Crippling U.S.-led sanctions from the late 1980s paved the way for China to become Myanmar’s dominant trading partner and investor.
Brahma Chellaney, a longstanding contributor to The Japan Times, is a geostrategist and the author of "Asian Juggernaut" (Harper, 2010) and "Water: Asia’s New Battlefield" (Georgetown University Press, 2011), which won the 2012 Bernard Schwartz Award. He is professor of strategic studies at the Center for Policy Research, New Delhi.
For Brahma Chellaney's latest contributions to The Japan Times, see below:
The contrast with President Donald Trump’s divisive, isolationist rhetoric could not be sharper. But adopting a different tone is easier than reversing America’s relative decline.
India is leveraging its manufacturing heft by embarking on humanitarian diplomacy — the supply of free vaccines to countries in its extended neighborhood.
China’s ability to pursue its geopolitical ambitions is diminishing rapidly. Nowhere is this more apparent than in its relations with India.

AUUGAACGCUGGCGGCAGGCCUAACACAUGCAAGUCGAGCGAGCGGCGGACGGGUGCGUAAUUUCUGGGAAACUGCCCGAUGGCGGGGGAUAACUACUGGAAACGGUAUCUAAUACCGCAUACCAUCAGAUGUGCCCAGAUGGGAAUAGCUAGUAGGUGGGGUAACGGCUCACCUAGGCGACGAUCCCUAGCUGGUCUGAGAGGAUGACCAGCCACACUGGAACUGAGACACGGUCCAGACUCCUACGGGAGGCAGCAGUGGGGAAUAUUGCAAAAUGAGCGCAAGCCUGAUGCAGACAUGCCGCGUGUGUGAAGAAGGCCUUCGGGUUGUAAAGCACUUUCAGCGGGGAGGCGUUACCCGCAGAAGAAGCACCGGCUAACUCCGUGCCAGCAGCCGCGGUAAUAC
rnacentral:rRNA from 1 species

As long as the Communist Party of China remains in power, the country will most likely continue to wage stealthy water wars that no one can win.
Aiding China’s rise was the greatest mistake of U.S. foreign policy in the post-World War II period. The U.S. actively contributed to the rise of its most formidable competitor
Jihadis represent a tiny minority of the world’s Muslims. But, by making clear their willingness to behave inhumanely, they have ensured that few dare defy them.
Japan undoubtedly faces hard choices. But accommodation with an unyielding China is simply not possible.
Aggression and expansionism obviously are not genetic traits, but they appear to be defining Chinese President Xi Jinping’s tenure.
In his most recent New Year’s speech, Chinese President Xi Jinping declared that 2020 would be “a milestone.” Xi was right, but not in the way he expected. Far from having “friends in every corner of the world,” as he boasted in his speech, ...